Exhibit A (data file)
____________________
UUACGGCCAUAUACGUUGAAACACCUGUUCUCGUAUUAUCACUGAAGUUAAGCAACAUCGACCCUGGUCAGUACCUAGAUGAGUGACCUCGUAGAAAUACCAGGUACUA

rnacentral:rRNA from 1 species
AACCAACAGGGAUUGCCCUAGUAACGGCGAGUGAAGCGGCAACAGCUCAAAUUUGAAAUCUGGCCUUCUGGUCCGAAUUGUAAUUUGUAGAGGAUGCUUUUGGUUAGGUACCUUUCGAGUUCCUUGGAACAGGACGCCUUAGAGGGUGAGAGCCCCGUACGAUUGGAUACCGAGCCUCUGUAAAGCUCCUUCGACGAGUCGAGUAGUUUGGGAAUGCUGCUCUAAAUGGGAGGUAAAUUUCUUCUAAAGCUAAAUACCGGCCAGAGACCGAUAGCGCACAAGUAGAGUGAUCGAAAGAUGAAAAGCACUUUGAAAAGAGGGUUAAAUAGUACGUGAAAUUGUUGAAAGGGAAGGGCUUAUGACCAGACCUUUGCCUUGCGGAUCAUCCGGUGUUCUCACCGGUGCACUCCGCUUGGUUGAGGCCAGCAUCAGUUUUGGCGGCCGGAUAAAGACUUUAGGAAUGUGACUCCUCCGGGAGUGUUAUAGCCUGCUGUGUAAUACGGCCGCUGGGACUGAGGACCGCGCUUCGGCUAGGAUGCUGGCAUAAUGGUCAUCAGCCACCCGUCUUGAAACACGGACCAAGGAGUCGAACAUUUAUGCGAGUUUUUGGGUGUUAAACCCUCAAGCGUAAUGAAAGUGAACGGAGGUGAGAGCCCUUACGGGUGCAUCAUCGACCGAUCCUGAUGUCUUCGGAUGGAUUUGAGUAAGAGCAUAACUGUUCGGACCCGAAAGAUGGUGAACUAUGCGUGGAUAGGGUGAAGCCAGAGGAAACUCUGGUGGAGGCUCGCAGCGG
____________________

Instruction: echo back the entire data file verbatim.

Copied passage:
UUACGGCCAUAUACGUUGAAACACCUGUUCUCGUAUUAUCACUGAAGUUAAGCAACAUCGACCCUGGUCAGUACCUAGAUGAGUGACCUCGUAGAAAUACCAGGUACUA

rnacentral:rRNA from 1 species
AACCAACAGGGAUUGCCCUAGUAACGGCGAGUGAAGCGGCAACAGCUCAAAUUUGAAAUCUGGCCUUCUGGUCCGAAUUGUAAUUUGUAGAGGAUGCUUUUGGUUAGGUACCUUUCGAGUUCCUUGGAACAGGACGCCUUAGAGGGUGAGAGCCCCGUACGAUUGGAUACCGAGCCUCUGUAAAGCUCCUUCGACGAGUCGAGUAGUUUGGGAAUGCUGCUCUAAAUGGGAGGUAAAUUUCUUCUAAAGCUAAAUACCGGCCAGAGACCGAUAGCGCACAAGUAGAGUGAUCGAAAGAUGAAAAGCACUUUGAAAAGAGGGUUAAAUAGUACGUGAAAUUGUUGAAAGGGAAGGGCUUAUGACCAGACCUUUGCCUUGCGGAUCAUCCGGUGUUCUCACCGGUGCACUCCGCUUGGUUGAGGCCAGCAUCAGUUUUGGCGGCCGGAUAAAGACUUUAGGAAUGUGACUCCUCCGGGAGUGUUAUAGCCUGCUGUGUAAUACGGCCGCUGGGACUGAGGACCGCGCUUCGGCUAGGAUGCUGGCAUAAUGGUCAUCAGCCACCCGUCUUGAAACACGGACCAAGGAGUCGAACAUUUAUGCGAGUUUUUGGGUGUUAAACCCUCAAGCGUAAUGAAAGUGAACGGAGGUGAGAGCCCUUACGGGUGCAUCAUCGACCGAUCCUGAUGUCUUCGGAUGGAUUUGAGUAAGAGCAUAACUGUUCGGACCCGAAAGAUGGUGAACUAUGCGUGGAUAGGGUGAAGCCAGAGGAAACUCUGGUGGAGGCUCGCAGCGG